The world around us is changing and the hotel industry is adapting with it. People want more from hotels—often, a simple bed and continental breakfast no longer suffice. New emerging technologies and attitudes are inspiring hotels to take on three new roles to provide extraordinary experiences for guests.
Hotel as Dream-Maker
Technology offers endless possibilities. James Canton, a renowned futurist, social scientist and former Apple Computer executive who now works for Institute for Global Futures, worked with Hotels.com to produce the “Hotels of the Future” study in January 2017. Canton says that as the hotel experience gears toward increasing personalization, anything a guest dreams of soon will be able to happen.
For example, Canton believes robotic butlers will be able to provide widespread service within the next few years. Like existing virtual concierges, these lean, nice working-machines will do everything from greet guests in their preferred language to offer companionship, clean rooms and provide room service, which will be specialized, based on the guest’s DNA. This will allow hotels to serve balanced meals that suit guests’ health and energy needs, while optimizing the taste for their tongue palette.
Canton also believes hotels could begin to offer immersive “worlds” for their guest to interact with, either in real-life or via virtual reality. These worlds, complete with story lines, characters and costumes, will become what Canton calls “alternative travel lifestyles.”
Hotel as Connector
In the future, hotels could also play a huge role in forming enriching bonds between guests to further elevate their experiences. In an eight-week study conducted using observations and in-depth interviews, Deloitte.com found that despite the rapid, ongoing development of technology, guests still desire human contact.
Ace Hotel in New York City is addressing this desire in its hotel lobby, warmly known as the living room, which serves as a wind down spot for guests. The lobby’s warm colors form a sense of synergy for guests to work together and socialize, either among themselves or with locals, as the space is open to the public. This gives guests the opportunity to meet others not directly involved with their event or meeting, thereby enabling them to expand their cultural and social viewpoints.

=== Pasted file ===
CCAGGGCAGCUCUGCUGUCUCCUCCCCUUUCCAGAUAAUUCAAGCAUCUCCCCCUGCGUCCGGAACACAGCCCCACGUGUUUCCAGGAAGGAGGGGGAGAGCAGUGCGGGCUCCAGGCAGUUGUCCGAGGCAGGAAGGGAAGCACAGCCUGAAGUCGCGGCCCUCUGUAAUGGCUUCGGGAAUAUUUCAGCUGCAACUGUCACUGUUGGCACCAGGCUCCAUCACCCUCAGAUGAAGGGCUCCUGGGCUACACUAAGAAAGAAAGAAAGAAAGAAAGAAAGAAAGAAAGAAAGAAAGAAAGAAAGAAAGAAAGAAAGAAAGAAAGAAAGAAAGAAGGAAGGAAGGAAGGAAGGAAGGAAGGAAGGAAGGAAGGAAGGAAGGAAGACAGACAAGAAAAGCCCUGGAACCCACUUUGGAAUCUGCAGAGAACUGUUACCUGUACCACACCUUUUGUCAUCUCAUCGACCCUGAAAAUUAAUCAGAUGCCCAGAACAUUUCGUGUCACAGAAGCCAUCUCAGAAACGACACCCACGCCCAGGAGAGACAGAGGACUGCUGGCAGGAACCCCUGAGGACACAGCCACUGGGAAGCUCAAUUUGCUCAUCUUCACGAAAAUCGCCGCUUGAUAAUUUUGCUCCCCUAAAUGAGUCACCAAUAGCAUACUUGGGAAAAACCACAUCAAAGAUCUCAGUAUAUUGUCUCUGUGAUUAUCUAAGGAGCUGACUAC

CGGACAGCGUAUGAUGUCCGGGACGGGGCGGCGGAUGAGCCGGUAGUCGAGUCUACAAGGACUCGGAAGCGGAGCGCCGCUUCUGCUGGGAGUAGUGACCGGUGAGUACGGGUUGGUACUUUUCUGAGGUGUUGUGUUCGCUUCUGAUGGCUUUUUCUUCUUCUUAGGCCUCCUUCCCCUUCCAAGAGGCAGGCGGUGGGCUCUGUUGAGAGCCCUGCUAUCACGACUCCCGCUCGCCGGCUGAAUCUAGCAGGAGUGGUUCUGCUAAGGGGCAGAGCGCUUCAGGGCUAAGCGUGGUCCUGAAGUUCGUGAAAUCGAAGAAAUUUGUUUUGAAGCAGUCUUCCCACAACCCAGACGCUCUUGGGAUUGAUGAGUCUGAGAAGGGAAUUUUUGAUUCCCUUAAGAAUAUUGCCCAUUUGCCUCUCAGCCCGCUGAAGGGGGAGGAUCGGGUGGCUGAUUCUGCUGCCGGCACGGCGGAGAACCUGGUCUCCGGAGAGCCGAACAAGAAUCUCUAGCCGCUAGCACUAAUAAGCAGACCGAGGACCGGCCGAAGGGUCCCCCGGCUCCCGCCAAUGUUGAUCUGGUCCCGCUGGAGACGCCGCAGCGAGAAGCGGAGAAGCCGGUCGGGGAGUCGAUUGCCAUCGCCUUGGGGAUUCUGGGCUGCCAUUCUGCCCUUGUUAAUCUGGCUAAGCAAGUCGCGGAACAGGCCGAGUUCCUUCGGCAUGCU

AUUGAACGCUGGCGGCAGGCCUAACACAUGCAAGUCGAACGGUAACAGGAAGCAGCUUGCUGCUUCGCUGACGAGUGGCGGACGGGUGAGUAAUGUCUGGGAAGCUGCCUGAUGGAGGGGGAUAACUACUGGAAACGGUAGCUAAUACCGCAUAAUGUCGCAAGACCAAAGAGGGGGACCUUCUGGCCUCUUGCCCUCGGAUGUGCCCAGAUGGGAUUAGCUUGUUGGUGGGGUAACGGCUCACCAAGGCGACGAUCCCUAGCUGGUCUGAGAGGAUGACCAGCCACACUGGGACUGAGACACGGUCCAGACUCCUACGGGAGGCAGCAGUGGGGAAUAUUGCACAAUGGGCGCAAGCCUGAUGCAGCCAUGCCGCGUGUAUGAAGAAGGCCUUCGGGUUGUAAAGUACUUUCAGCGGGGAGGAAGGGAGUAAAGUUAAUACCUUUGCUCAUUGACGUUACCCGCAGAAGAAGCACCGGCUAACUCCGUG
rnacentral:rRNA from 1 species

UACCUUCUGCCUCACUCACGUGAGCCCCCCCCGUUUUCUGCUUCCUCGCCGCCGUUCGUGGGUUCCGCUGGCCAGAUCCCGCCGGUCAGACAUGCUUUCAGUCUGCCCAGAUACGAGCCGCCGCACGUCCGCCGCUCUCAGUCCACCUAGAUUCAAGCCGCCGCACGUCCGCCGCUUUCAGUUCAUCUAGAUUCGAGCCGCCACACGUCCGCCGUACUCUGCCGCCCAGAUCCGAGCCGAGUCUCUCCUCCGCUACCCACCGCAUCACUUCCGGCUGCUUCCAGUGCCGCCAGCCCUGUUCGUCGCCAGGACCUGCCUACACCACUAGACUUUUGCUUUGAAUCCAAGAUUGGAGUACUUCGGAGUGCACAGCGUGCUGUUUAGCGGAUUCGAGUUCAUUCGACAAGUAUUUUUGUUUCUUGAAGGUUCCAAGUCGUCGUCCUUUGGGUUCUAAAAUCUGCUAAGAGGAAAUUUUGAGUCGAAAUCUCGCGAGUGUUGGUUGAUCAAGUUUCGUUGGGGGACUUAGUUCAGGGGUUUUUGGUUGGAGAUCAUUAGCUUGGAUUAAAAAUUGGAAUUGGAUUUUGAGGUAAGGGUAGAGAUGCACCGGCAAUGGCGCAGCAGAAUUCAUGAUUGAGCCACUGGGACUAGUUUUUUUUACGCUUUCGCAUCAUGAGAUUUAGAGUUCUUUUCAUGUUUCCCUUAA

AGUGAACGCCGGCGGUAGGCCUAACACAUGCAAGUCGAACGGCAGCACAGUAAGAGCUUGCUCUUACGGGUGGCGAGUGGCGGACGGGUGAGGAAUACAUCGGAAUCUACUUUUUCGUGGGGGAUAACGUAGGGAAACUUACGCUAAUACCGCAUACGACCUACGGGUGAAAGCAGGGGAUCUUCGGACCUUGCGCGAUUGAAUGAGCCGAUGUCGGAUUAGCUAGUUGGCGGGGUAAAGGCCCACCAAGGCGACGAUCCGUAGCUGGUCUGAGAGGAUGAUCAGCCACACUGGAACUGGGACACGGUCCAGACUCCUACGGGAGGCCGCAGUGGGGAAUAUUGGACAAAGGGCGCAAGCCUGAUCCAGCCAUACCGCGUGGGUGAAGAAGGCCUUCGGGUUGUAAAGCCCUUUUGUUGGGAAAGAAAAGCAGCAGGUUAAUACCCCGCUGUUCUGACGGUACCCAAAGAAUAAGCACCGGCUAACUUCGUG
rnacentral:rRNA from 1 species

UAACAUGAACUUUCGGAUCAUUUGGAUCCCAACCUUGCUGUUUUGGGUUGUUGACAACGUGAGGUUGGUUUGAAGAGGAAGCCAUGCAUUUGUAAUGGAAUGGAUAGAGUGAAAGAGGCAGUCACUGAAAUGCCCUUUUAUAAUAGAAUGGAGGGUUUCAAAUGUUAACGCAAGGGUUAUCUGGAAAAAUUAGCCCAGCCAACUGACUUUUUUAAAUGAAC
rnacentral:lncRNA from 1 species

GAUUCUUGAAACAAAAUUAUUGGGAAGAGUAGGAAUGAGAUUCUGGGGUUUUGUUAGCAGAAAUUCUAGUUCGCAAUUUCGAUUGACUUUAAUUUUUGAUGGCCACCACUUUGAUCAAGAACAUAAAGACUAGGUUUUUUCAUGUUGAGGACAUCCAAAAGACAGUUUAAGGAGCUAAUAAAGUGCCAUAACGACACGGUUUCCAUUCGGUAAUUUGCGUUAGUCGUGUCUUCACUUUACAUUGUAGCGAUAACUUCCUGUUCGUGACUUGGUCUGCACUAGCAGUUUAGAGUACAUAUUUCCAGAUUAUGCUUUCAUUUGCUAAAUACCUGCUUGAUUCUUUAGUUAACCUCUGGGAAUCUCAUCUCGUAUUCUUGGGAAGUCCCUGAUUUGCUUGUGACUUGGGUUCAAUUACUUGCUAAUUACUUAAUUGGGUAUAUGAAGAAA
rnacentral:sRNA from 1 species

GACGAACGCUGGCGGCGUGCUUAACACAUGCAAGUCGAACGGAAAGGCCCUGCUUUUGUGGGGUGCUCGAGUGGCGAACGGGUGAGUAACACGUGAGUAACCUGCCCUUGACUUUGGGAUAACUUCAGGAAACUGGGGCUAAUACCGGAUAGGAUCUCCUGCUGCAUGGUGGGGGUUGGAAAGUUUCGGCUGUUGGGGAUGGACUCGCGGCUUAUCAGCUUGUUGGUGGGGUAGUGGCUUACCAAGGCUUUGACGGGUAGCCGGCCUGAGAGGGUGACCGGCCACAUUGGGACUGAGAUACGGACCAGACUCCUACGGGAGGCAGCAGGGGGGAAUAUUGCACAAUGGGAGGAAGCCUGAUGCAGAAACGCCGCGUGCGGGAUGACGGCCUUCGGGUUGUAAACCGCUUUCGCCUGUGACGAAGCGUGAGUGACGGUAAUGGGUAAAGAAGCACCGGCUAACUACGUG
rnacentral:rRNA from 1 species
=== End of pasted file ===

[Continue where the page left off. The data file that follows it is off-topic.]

Hotels can also look toward co-living spaces as inspiration for the future. Places such as Airbnb commonly feature communal spaces, including a kitchen and living room, while maintaining privacy in a bedroom. In June 2016, Extended Stay Hotels announced plans to integrate more common spaces, such as the lounge and kitchen.
Hotel as Luxury Sustainer
Both millennials and older generations are starting to realize the negative consequences of waste, and in turn, are taking steps to remedy the situation. One antidote includes choosing eco-friendly hotels.
Soneva Resorts, with locations in the Maldives and Thailand, shows that you don’t have to sacrifice luxury for sustainability. It utilizes, rather than ignores, the nature around the property to transform their guests’ experiences. It attempts to use farm-to-table food, instead of imported foods, and creates a careful balance with the surrounding ecosystem.
Soneva’s location in Fushi is home to crabs that dig tunnels to provide oxygen to trees on the island. If guests ask to eat the crabs, Soneva refuses, because they are critical to life on the island. Soneva also recycles 73 percent of the solid waste produced on site and keeps a record of its sustainable initiatives’ impact through sustainability reports.